Well, that was a nice little pop, wasn’t it? Show investors another small ray of hope in economic numbers, throw in a dog-days light trading session, increase some dividends and you get a near-the-end of the week rally on the major indexes.
Of course, not all was rosy for everyone, as Facebook (NASDAQ:FB) confronted its first end-of-lockup period by touching an intra-day and historical (which hasn’t been that long) low of $19.69 before settling in at $19.88 as insiders dumped shares by the millions, literally. Nearly 150 million shares traded hands … or keystrokes. Of course, another 1.8 billion shares could hit the market over the next nine months, but that will have to wait.
The good news was the major benchmarks all finished up on the day, with the Nasdaq leading the way with a gain of 1.04% to 3,062. The S&P 500 finally got past that resistance around 1,406 and finished up 0.71 % at 1,415. And the Dow managed a 0.65% gain to end at 13,250.
On the economic front, weekly figures for initial jobless claims increased, but came in lower than expected. Meanwhile, reports on housing starts and building permits showed further momentum in the housing market. Recent data suggest housing is coming back to life, as home prices and new construction have started to pick up in recent months and foreclosures have slowed.
Earnings news propelled the Nasdaq, as Cisco (NASDAQ:CSCO) announced both a blowout quarter and a substanial (75%) dividend hike after the bell on Wednesday. Cisco shares bounced ahead nearly 10% on the day. The entire sector joined in the celebration, with Microsoft (NASDAQ:MSFT) up nearly 2%, and Oracle (NASDAQ:ORCL) 1.5% higher. Apple (NASDAQ:AAPL), maintained its recent momentum, up just under 1%.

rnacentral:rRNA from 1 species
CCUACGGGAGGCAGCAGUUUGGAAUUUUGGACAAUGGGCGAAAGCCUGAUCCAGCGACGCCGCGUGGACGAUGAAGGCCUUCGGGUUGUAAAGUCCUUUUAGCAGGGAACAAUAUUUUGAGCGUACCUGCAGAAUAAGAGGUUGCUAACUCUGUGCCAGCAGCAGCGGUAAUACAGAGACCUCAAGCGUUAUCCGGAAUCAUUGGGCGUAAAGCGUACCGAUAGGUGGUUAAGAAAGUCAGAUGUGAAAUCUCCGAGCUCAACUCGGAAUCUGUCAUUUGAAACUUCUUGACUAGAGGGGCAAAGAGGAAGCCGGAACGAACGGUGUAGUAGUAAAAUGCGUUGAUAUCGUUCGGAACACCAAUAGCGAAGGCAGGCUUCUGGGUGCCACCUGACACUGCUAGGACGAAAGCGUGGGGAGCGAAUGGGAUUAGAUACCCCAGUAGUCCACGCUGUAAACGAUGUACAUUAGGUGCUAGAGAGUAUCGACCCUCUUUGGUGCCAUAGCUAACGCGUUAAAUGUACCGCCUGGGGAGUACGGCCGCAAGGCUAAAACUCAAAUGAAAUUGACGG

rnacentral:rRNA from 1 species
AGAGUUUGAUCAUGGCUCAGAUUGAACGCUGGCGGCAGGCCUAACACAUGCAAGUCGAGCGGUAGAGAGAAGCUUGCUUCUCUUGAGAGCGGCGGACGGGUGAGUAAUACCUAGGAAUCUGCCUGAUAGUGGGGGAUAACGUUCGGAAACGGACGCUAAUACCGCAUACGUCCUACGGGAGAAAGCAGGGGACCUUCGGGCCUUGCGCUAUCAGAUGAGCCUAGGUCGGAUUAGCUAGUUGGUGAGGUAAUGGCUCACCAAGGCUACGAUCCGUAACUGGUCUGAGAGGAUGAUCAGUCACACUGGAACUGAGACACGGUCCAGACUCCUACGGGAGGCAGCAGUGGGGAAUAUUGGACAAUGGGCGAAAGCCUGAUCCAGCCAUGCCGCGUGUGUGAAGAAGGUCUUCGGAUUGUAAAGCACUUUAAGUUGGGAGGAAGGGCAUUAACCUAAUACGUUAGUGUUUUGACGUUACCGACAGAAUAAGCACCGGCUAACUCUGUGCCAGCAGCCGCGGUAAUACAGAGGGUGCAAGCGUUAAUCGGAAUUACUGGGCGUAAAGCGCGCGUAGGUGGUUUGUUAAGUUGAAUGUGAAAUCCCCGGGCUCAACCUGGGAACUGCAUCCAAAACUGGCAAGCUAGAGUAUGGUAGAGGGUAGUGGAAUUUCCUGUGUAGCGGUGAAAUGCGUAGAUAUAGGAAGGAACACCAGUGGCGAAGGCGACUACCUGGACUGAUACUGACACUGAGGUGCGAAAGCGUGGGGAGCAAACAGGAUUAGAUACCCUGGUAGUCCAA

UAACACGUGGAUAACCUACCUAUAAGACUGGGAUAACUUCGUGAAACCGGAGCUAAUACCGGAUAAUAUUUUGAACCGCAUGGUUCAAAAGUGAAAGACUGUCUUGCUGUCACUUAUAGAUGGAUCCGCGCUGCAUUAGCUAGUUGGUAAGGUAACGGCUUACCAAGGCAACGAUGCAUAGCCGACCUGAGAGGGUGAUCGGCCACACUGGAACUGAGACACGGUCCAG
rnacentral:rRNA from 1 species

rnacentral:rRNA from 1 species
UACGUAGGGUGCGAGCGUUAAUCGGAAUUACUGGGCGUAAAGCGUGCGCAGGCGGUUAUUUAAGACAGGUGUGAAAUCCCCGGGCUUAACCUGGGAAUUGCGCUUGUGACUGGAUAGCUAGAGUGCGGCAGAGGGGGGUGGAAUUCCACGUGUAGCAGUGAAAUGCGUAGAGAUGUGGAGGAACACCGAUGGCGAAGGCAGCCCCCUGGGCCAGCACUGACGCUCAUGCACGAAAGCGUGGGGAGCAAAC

Retailers were all over, with Sears (NASDAQ:SHLD) the major climber. Eddie Lampert’s brainchild announced it lost less than analysts estimated as lower expenses offset weaker-than-expected sales. Investors, who anticipate Lampert’s next move to be selling Sears’ Land’s End business, bid the stock up 5%.
The same could not be said for the discount retail segment, which took a small bath as industry leader Wal-Mart (NYSE:WMT) and small-town operator Dollar Tree (NASDAQ:DLTR) both disappointed analysts. Walmart’s sin was posting second-quarter earnings that trailed analyst estimates, while Dollar tree committed a two-fer of barely missing earnings estimates and announcing lowered future earnings and revenue growth. Walmart shares fell just over 3%, while Dollar Tree rallied a bit during the day to fall just below 1%.
Finally, Sprint (NYSE:S) took a breather from a breathtaking run. The company slipped nearly 5% on no news other than investors taking some profits, and perhaps advice from InvestorPlace IPO Playbook Editor Tom Taulli. I’m just saying…
- Sina (NASDAQ:SINA): Up 10.53% ($5.36) to $56.26
- Coinstar (NASDAQ:CSTR): Up 7.53% ($3.63) to $51.85
- Fusion-IO (NYSE:FIO): Up 7.31% ($1.92) to $28.18
- Perry Ellis (NASDAQ:PERY): Down 15.76% ($3.51) to $18.76
- Groupon (NASDAQ:GRPN): Down 6.02% (32 cents) to $5
- GNC (NYSE:GNC): Down 3.63% ($1.35) to $35.85
Marc Bastow is an Assistant Editor at InvestorPlace.com. As of this writing he was long MSFT and AAPL.